In a statement sent to USA Today, the cruise line said the “extreme wind and sea conditions” were unexpected. Also, in a statement posted on Twitter Monday morning, the company said this: “Yesterday, Anthem of the Seas encountered an unexpectedly severe storm off Cape Hatteras. Weather has improved & the ship is operating safely.”
Royal later tweeted an apology to its passengers: “We appreciate our guests’ patience and cooperation. We know it was tough day on Sunday, apologize for their discomfort.” ….MORE
From the Anthem of The Seas Cruise Critic Roll Call
Feb. 5, 2016:
“Our flight from Boston has been cancelled. Expecting 4-8 inches of heavy wet snow Friday. We have been rescheduled for later in the evening, but the best Jet Blue could do was give us seats near the bathroom in the back of the plane. At least, we will be able to get out Friday. God knows what we will smell like. See you all soon.” — Frank and Joan Landry
Feb. 6, 2016 11:10 am
“Made it to NYC 1:15 AM dead tired. Hotel lost our reservation. Got room anyway. Found our Park West group. Bus to Bayonne leaves at noon. Can’t wait to get onboard unpack and crash until dinner. I might probably explore around until I get weary. Most of our Park West events/ dining/auctions will take place in different restaurants, Chic, Silk, Grande, American Icon, Music Hall. Still feeling groggy, and it will take 24 hours to unwind from the 8 hours at the airport uncertain if we would get away. Stress level is still up from the miserable airport experience last night/ early morning and did not get much sleep overnight, but it should dissipate later today as soon as we get on the ship.” Frank & Joan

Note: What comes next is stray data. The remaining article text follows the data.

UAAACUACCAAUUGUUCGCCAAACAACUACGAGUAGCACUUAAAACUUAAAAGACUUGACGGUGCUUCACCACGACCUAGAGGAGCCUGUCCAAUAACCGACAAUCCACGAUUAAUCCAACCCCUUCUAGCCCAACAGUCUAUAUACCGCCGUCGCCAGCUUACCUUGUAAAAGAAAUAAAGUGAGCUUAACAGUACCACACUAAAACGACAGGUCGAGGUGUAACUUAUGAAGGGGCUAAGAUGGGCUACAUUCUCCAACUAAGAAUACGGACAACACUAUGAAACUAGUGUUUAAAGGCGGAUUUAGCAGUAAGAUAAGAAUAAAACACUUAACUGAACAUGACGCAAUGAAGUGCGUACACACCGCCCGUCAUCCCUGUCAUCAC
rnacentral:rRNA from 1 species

Feb. 7, 2016:
8: 59 am.
“We’re Rocking and Rolling pretty good today on the High Seas, but, Anthem is handling it well. Suppose to get rougher as the day goes, but, to be expected as we near Cape Hatteras. Safe travels to everyone.” — Anita and Len
“Not enjoying the cruise right now. We are in the middle of the worst storm I’ve ever seen and the ship is getting destroyed. Well, our cabin is anyway. Waves are over 50ft and I’m really scared” – Zeva 1960
“I would fear not – seas are very rough – like Captain just said no one expected anything like this. But truthfully ship is handling it well and it will be over and tomorrow is a new day. So you now have bragging rights because not many cruisers ever experience anything even close to what we are experiencing. Stay in your room, try to stay off your feet, and hang on and look forward to much better day tomorrow. It will be OK.” — AdvGirl
Feb. 7, 2016: 11:09 pm
“Our thoughts and prayers go out to everyone on Anthem of the Seas and we hope everyone will be safe and can enjoy the rest of the cruise free of any more bad weather. We hope the ship does not have too much damage and we can still enjoy our cruise on the 21st. Again, be safe everyone.” – Raymond & Berta